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Difference Between a Demo Recording and a Professional Recording

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Pretty much everybody else who writes songs today seems to already have a recording of their track - complete with instruments and all - that they must've done themselves, without a professional.  But there must also be some really quick, simple way to do it, because people post their recordings here looking for feedback, which must mean they didn't intend these recordings to be the final draft.  How do you all make your recordings, and how do you get them done so easily, if it is as easy as I imagine it would have to be?

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Hi Layla - everyone has their own methods, some easy, some not-so-easy.  Simplest way is with a video camera (or even your phone) set up in front of you and you just do a "1+1" recording - you playing your instrument and singing the song.  You can also do an audio recording the same way, one mic (again, it could just be into your phone) into a stand-alone recorder (like a Zoom) or into an audio interface and computer DAW.

It's really a matter of your expertise and desire (or none) to go further. 

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14 hours ago, chazmataz said:

An extremely good answer Mike...just wonder why a songwriter would ask it.

Well, just because I know how to write a song doesn't mean I was born with complete knowledge of how to record one.  It so happens I am not very good with technology, which doesn't affect my songwriting abilities at all, I might add.  I though the people here might be good enough to help me out a little.  How does anyone find out anything, if not by asking?

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2 hours ago, LAYLA said:

Well, just because I know how to write a song doesn't mean I was born with complete knowledge of how to record one.  It so happens I am not very good with technology, which doesn't affect my songwriting abilities at all, I might add.  I though the people here might be good enough to help me out a little.  How does anyone find out anything, if not by asking?

 

 

Of course, you are correct!   If you have more questions on this subject, let me know!   There are many songwriters/players who don't want to use their time with 'technology' when they could be playing/writing/doing something else, but will use their phones to record basic demos.  A good example is our own Onewholovesrock, JOe.  Sometimes a little experimentation is needed to figure out the best phone position, distance, etc.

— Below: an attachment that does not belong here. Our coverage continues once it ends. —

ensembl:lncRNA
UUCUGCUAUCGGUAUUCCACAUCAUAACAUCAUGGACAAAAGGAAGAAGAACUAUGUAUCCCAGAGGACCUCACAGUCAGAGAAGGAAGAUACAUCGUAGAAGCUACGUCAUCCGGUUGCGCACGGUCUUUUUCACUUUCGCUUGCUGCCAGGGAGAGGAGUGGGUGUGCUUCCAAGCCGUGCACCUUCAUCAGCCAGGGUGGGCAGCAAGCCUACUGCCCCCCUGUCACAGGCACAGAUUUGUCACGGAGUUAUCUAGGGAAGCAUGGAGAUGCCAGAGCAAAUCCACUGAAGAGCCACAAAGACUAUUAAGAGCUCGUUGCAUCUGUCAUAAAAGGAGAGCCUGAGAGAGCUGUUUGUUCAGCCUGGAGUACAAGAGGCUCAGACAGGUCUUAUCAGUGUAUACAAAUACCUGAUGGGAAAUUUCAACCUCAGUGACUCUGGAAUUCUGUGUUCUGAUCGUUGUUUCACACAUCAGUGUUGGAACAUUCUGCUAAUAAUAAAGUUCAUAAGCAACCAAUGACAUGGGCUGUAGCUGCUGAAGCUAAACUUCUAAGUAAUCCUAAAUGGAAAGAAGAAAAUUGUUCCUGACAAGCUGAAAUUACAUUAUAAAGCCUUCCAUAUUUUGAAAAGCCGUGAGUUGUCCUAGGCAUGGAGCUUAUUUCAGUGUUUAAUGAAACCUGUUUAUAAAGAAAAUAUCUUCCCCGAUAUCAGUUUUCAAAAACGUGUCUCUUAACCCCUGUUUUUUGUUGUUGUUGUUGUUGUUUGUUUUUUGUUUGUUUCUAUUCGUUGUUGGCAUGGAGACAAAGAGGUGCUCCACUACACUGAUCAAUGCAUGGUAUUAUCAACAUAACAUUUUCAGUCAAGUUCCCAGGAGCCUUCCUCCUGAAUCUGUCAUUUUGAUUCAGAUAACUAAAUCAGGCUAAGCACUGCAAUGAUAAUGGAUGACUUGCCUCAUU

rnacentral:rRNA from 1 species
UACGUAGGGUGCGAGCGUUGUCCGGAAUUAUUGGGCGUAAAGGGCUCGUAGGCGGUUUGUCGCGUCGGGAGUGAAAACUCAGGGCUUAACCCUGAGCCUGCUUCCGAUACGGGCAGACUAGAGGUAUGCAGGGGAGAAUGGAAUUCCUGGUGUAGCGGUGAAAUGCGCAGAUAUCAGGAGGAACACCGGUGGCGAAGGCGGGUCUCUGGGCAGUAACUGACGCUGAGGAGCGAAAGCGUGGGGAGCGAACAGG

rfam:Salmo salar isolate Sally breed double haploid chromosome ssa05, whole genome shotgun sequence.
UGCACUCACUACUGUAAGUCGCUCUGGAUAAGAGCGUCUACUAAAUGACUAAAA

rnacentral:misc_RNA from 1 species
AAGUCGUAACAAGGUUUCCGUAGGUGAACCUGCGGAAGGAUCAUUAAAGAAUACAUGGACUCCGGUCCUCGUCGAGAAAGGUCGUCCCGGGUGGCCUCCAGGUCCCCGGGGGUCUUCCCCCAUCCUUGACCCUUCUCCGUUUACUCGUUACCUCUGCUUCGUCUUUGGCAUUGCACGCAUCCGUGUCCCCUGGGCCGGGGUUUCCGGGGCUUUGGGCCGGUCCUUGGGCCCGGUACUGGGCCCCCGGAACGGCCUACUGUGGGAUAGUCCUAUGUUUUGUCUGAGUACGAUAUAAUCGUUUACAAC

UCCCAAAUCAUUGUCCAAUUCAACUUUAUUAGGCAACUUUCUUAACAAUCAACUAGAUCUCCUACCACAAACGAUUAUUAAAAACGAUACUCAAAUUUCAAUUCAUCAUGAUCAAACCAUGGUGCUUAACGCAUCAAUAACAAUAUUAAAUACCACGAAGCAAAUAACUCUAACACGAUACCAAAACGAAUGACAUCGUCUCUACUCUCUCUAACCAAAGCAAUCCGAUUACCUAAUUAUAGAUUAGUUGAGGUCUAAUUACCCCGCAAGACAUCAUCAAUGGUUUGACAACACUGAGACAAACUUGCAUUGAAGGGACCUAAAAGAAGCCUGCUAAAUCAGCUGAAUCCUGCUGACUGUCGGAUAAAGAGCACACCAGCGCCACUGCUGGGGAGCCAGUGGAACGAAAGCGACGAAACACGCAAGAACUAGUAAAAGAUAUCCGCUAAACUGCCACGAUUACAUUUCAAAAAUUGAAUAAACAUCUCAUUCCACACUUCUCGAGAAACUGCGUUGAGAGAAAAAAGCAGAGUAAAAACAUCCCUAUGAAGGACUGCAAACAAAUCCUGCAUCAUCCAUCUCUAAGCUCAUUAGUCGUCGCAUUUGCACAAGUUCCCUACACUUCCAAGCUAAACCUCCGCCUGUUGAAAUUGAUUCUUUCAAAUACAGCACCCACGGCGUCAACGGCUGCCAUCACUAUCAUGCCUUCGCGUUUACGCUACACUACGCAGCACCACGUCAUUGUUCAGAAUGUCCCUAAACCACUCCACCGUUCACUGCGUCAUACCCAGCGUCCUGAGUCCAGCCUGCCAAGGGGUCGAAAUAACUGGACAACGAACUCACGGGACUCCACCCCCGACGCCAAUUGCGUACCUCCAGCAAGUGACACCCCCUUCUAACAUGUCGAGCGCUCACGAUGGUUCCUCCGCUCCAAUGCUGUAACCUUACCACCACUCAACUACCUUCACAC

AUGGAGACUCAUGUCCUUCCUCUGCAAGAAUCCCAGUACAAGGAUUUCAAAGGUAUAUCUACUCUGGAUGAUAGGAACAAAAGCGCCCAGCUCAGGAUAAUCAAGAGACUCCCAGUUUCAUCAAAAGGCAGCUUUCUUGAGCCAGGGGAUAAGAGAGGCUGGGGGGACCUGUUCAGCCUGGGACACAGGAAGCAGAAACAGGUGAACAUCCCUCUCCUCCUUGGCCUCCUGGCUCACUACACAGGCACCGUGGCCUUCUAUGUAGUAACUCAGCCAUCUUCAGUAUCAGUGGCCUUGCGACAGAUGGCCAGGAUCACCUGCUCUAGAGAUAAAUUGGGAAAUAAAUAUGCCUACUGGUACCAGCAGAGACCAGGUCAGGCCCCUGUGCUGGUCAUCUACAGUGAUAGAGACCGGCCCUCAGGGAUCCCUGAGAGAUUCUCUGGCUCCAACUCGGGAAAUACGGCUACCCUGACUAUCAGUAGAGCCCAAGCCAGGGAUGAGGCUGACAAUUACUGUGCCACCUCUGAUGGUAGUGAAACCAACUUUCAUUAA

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On 7/5/2017 at 13:23, LAYLA said:

But there must also be some really quick, simple way to do it, because people post their recordings here looking for feedback, which must mean they didn't intend these recordings to be the final draft.  How do you all make your recordings, and how do you get them done so easily, if it is as easy as I imagine it would have to be?

 

The quick, simple way to do it is to pay someone to do it for you.  Making homemade demos that sound halfway decent requires musical skill (can you play an instrument?) and some technical skill (at a minimum, you need a microphone and some computer based recording software).  With this, you can record a simple one instrument/one vocal demo.

 

Most of the folks who post demos on this site have advanced musical skills.  They can play guitar, bass guitar, keyboards, can program drums, strings, and other instruments, and they know how to put them together.  They also have fairly advanced technical skills.  Some recording programs are easier to use then others, but none are "easy."

 

Neal

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Hey Layla,

 I'm not very technology advanced. I can learn the stuff but I just don't like doing it. I'm basically technology lazy. I love writing/performing songs. I don't mind recording either, if someone else is working the recording end of things. It took me a couple/few years before I started making satisfactory recordings on my own. And then I just stopped doing it. It's been about 3 years since I did a studio multi track recording. Like Mike mentioned above. I record all my songs with my smartphone video camera just to get them down somewhere. The recordings don't sound too bad. But I play the guitar. Not sure you play an instrument. 

 Another option is finding someone with a good studio offering decent prices. Just yesterday I posted an ad on Craigslist looking for a small studio/home studio offering quality recordings without the big studio prices. I received 2 responses and asked for samples. One of them sounded pretty good. I've seen smaller guys offering recording for $15.00 - $20.00 an hour. The bigger studios around here are charging  $50.00 an hour. 4 hour minimums. That's from load in to load out. They usually stick pretty tight to their times. The little guys are generally more forgiving with time. But the big guys do sound fantastic and radio ready. 

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$50/hour for 4 hour blocks of time is pretty much the norm these days, with $20/hour for the small 'basement of my house' guys.  Lots of people still use studios - because they may not be technology or ability-capable.  recording and mixing, like anything else, takes practice and time to develop your skills.  Some people would rather spend that time playing/songwriting.  Others may only want to release/record a few songs once in a great while.  And still others may just not have a good 'space' to do it in.